• Where do buyers look for your product or service?
  • If they look in a store, what kind? A specialist boutique or in a supermarket, or both? Or online? Or direct, via a catalogue?
  • How can you access the right distribution channels?
  • Do you need to use a sales force? Or attend trade fairs? Or make online submissions? Or send samples to catalogue companies?
  • What do you competitors do, and how can you learn from that and/or differentiate?


Promotion  represents all of the methods of communication that a marketer may use to provide information to different parties about the product. Promotion comprises elements such as: advertising, public relations, personal selling and sales promotion.

Advertising covers any communication that is paid for, from cinema commercials, radio and Internet advertisements through print media and billboards. Public relations is where the communication is not directly paid for and includes press releases, sponsorship deals, exhibitions, conferences, seminars or trade fairs and events. Word-of-mouth is any apparently informal communication about the product by ordinary individuals, satisfied customers or people specifically engaged to create word of mouth momentum. Sales staff often plays an important role in word of mouth and public relations.

  • Where and when can you get across your marketing messages to your target market?
  • Will you reach your audience by advertising in the press, or on TV, or radio, or on billboards? By using direct marketing mails hot? Through PR? On the Internet?
  • When is the best time to promote? Is there seasonality in the market? Are there any wider environmental issues that suggest or dictate the timing of your market launch, or the timing of subsequent promotions?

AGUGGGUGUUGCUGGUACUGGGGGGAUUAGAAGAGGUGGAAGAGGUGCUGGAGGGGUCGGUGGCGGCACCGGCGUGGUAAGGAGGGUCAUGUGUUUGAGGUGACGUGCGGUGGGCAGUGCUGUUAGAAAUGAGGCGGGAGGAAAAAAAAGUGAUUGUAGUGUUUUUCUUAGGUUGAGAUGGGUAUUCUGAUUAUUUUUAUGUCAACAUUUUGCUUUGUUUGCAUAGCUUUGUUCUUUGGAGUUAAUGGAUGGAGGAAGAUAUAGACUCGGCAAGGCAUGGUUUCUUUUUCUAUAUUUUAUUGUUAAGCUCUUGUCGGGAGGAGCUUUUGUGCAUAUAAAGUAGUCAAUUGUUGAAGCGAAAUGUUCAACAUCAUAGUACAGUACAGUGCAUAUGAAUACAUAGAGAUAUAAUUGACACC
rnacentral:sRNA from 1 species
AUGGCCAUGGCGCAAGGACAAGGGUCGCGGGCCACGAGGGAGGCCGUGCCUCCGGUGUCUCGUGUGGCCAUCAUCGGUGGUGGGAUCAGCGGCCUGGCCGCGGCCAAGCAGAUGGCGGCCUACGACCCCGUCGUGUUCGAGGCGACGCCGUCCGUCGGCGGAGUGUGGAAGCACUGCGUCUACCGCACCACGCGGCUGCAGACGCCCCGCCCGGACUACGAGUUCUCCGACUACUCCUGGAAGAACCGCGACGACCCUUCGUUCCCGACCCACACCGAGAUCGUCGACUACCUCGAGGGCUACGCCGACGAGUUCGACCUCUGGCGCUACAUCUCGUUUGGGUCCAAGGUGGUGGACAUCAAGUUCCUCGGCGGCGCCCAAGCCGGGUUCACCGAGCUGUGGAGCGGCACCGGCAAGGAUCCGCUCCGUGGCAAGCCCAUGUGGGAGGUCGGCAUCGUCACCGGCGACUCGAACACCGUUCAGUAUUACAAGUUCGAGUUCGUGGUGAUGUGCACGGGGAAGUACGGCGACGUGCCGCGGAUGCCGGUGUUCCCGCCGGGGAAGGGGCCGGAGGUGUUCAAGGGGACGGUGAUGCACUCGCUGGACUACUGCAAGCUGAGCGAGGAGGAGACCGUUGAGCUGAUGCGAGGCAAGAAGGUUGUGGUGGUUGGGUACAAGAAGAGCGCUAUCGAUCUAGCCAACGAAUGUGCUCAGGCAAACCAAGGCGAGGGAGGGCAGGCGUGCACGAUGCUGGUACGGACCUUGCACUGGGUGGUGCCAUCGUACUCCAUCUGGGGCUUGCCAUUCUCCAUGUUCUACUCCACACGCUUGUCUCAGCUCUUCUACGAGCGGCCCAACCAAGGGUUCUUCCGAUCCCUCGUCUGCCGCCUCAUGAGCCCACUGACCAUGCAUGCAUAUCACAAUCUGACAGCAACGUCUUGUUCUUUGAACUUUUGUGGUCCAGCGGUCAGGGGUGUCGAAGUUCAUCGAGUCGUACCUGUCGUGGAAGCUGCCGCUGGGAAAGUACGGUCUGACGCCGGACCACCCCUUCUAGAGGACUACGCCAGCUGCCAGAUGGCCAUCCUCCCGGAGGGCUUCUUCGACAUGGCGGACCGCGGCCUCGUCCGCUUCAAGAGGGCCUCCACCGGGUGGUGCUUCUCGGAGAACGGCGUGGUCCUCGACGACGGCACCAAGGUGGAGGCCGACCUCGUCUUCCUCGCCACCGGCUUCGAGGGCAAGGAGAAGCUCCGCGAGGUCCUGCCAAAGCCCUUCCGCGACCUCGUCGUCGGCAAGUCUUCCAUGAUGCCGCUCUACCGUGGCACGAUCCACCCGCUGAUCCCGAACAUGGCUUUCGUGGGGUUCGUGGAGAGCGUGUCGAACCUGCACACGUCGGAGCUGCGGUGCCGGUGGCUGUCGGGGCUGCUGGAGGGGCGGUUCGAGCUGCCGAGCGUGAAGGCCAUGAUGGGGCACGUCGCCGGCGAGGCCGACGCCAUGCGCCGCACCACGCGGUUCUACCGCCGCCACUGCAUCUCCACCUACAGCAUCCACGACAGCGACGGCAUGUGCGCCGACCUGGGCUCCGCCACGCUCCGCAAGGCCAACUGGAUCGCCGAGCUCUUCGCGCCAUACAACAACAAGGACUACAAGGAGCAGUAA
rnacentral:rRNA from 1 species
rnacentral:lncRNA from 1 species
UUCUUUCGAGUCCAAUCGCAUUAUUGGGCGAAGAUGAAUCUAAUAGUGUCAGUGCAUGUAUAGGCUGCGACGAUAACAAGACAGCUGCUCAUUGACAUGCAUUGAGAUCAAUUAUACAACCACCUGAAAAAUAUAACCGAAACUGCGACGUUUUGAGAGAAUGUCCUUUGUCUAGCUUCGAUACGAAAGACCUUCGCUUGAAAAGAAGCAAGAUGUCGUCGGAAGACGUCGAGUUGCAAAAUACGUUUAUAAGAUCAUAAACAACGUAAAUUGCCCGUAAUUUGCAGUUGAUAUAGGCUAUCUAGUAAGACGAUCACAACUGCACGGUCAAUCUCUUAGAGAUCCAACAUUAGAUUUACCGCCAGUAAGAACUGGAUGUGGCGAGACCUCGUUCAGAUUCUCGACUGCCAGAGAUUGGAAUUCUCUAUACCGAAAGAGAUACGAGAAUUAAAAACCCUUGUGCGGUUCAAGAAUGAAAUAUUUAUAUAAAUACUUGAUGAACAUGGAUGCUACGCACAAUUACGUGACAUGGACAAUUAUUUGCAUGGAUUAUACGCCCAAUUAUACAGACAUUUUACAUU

• How do your competitors do their promotions? And how does that influence your choice of promotional activity?

The 4Ps model is just one of many marketing mix lists that have been developed over the years. And, whilst the questions we have listed above are key, they are just a subset of the detailed probing that may be required to optimize your marketing mix.

Amongst the other marketing mix models have been developed over the years is Boom and Bitner’s 7Ps, sometimes called the extended marketing mix, which include the first 4 Ps, plus people, processes and physical layout decisions.

Another marketing mix approach is Lauterborn’s 4Cs, which presents the elements of the marketing mix from the buyer’s, rather than the seller’s, perspective. It is made up of Customer needs and wants (the equivalent of product), Cost (price), Convenience (place) and Communication (promotion). In this article, we focus on the 4Ps model as it is the most well-recognized, and contains the core elements of a good marketing mix.